Luebehusen plotted what experts call a “flash drought.” While not fully understood, these quick-developing droughts might be another signature of climate change. Experts say a flash drought often begins as a pin-sized swelter in one county, then expands like an amoeba across the landscape. The droughts are often accompanied by erratic precipitation over sharply defined geographic areas. The downpours can be extraordinarily intense, just as climate change is transforming routine rain events into mega-storms.
Oct 3 2019, E&E News
Flash drought: ‘Really wet to really dry, really fast’ | Daniel Cusick As a member of the Agriculture Department team that compiles the U.S. Drought Monitor, Luebehusen created what looked like an omelet on a map of the United States. Yellow and brown swirls covered much of Texas and swaths of the Southeast, with splotches of red mixed in. “Here you have a divergent signal where many of these folks have had near-historic wetness and drought all within 60 to 90 days,” he said, describing a kind of weather whiplash. “People went from really wet to really dry, really fast.” Luebehusen plotted what experts call a “flash drought.” While not fully understood, these quick-developing droughts might be another signature of climate change. Experts say a flash drought often begins as a pin-sized swelter in one county, then expands like an amoeba across the landscape. The droughts are often accompanied by erratic precipitation over sharply defined geographic areas.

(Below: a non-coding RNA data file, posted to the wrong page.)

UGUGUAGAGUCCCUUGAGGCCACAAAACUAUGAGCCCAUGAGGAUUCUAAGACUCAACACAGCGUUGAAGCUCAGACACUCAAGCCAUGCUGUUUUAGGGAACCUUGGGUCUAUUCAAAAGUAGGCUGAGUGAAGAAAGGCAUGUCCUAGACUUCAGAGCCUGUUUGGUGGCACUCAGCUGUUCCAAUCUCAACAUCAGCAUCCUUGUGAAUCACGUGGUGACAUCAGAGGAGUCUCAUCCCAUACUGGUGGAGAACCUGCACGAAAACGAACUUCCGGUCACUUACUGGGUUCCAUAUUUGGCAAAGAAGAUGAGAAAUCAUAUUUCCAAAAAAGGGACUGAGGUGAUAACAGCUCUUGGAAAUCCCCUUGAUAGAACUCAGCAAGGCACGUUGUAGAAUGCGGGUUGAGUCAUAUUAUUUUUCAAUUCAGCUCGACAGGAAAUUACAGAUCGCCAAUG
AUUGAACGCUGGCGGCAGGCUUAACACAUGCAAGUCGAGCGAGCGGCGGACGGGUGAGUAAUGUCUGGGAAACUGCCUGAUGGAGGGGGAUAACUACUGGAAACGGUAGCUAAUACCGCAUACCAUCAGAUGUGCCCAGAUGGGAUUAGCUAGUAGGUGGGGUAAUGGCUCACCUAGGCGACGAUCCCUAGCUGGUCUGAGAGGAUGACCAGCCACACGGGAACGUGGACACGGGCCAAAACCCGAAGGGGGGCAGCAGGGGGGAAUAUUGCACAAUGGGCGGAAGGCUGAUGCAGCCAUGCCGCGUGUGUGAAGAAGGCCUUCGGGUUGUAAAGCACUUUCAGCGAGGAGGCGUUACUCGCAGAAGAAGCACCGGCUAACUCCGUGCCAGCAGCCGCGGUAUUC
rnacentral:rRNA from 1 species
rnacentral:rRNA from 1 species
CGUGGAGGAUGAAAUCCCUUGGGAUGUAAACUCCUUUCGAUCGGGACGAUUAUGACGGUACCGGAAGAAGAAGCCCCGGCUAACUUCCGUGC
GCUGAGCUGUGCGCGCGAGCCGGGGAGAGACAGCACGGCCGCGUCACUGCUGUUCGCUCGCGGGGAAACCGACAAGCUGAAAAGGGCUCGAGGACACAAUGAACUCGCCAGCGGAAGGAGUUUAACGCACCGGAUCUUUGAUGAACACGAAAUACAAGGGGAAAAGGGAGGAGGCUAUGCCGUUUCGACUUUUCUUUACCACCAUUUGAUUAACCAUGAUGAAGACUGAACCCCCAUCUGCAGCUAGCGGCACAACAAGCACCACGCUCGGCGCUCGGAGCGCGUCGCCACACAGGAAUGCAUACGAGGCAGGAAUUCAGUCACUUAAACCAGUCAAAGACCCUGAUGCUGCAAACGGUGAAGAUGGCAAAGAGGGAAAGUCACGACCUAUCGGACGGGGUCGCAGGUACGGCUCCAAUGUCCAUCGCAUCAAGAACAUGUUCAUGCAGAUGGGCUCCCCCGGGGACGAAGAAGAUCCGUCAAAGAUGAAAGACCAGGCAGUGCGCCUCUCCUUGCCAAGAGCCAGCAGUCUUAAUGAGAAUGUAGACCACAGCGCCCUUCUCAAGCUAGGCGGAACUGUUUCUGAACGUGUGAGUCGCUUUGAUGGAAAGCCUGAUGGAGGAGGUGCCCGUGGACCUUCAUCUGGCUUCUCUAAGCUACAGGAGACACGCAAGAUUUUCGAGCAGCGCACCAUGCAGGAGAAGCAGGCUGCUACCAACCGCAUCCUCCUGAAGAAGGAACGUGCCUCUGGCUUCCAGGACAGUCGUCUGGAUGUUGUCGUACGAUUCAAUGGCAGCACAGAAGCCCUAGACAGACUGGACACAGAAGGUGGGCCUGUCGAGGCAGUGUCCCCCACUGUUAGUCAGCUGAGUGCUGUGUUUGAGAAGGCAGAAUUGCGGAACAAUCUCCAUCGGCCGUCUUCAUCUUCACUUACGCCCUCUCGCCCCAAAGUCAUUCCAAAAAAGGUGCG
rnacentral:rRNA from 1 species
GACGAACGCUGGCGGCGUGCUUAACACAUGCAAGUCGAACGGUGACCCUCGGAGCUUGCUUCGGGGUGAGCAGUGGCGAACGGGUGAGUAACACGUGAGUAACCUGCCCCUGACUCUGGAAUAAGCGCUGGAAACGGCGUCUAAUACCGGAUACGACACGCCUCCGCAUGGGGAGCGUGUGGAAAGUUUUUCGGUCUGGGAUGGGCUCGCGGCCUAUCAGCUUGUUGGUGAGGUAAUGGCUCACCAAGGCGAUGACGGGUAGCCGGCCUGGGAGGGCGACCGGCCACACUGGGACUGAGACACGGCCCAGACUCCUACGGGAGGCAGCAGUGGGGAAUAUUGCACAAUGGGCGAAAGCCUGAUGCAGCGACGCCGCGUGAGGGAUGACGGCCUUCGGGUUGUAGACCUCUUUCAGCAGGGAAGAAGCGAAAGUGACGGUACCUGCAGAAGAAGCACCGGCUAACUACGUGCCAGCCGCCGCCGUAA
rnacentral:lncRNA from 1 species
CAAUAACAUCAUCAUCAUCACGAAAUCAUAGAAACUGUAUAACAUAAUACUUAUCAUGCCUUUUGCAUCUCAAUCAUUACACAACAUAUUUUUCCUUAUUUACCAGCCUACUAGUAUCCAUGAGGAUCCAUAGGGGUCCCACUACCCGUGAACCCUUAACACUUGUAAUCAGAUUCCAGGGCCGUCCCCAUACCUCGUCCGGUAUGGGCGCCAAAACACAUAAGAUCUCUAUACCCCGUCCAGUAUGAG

The downpours can be extraordinarily intense, just as climate change is transforming routine rain events into mega-storms. On Luebehusen’s drought map for Sept. 24, two small areas popped out like red ripe tomatoes in Shelby County, Ala., and Dallas County, Texas. Both were experiencing “extreme drought,” one category shy of the highest rung on the drought severity scale. In Shelby County, a fast-growing suburb of Birmingham, more than 200,000 people experienced near-record temperatures and extreme dryness, what scientists call D3 drought. Less than 30 miles away, Birmingham was at D0, or “abnormally dry,” but not in drought. The same thing happened in Texas, where moisture and temperature gauges in Dallas County measured dangerously dry conditions, while seven surrounding counties were not in a drought. […]